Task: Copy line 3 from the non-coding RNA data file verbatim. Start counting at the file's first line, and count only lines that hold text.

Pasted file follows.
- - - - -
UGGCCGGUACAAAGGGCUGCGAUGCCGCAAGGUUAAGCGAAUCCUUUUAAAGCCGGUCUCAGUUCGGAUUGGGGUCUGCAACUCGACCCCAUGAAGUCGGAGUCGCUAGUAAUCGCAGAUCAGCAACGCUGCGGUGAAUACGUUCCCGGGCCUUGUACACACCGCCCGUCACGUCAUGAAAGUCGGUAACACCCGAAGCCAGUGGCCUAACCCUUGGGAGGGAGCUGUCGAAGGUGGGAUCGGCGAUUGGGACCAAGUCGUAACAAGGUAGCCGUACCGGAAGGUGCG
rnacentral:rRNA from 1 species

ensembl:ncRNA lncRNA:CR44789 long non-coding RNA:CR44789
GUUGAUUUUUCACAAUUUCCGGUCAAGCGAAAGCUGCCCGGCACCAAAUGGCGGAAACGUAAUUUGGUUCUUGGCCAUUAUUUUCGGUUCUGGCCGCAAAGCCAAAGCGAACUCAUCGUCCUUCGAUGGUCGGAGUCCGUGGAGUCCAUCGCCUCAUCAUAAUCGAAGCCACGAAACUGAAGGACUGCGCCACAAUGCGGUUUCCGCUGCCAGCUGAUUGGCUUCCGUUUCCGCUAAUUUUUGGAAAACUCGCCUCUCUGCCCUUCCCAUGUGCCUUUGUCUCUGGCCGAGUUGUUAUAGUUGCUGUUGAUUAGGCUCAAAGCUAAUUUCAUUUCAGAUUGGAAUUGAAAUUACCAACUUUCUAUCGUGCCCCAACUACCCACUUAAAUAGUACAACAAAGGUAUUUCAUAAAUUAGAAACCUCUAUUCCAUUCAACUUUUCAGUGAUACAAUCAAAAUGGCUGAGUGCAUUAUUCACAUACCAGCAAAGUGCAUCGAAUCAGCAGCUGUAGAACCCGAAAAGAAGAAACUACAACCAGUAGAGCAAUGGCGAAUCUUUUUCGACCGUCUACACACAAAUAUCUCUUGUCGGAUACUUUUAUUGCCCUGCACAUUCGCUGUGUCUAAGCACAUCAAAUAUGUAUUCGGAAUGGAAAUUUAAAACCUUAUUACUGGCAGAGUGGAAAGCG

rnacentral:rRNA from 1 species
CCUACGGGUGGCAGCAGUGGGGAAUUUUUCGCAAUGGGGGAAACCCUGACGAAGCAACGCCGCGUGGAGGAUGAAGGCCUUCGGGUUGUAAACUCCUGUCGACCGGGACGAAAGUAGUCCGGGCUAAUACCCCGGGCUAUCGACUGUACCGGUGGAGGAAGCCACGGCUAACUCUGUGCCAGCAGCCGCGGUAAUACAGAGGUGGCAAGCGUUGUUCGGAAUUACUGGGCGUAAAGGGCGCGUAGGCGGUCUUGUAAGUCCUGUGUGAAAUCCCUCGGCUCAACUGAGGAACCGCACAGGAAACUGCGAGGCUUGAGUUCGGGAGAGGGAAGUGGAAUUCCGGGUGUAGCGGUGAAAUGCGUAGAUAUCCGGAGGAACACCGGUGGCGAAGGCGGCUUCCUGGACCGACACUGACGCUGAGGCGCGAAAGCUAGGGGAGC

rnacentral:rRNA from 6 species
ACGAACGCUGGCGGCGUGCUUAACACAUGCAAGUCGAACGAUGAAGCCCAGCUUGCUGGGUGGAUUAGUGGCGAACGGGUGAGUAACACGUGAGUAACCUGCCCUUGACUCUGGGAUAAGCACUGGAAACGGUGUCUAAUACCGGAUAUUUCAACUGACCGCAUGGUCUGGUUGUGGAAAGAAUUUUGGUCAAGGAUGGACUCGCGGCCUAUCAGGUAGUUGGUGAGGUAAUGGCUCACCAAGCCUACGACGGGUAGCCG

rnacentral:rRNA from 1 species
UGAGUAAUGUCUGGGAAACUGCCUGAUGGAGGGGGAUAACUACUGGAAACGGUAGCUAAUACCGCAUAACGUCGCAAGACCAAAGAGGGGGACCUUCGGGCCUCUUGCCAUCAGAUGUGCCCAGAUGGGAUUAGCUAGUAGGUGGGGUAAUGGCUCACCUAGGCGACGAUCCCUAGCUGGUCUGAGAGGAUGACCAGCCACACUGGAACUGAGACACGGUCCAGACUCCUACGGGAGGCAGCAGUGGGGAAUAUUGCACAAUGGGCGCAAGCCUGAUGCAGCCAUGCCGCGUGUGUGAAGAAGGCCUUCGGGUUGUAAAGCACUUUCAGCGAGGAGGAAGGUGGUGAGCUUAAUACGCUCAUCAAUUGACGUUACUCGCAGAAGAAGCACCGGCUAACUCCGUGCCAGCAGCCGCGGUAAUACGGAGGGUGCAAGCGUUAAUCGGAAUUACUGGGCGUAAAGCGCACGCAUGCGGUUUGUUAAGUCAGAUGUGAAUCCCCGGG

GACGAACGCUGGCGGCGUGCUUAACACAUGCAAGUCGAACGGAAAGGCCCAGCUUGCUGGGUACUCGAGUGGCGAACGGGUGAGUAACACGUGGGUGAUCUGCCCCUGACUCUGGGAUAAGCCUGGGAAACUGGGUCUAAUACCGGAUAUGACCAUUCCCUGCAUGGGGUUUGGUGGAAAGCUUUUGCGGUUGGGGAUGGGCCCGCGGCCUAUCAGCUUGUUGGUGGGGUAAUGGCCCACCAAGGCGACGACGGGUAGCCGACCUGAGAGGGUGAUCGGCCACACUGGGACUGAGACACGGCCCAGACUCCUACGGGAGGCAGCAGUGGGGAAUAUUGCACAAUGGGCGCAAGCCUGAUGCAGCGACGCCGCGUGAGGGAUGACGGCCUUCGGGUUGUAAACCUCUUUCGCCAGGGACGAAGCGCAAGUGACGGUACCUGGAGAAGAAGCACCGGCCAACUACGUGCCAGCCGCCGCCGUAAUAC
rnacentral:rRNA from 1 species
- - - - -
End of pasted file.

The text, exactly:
ensembl:ncRNA lncRNA:CR44789 long non-coding RNA:CR44789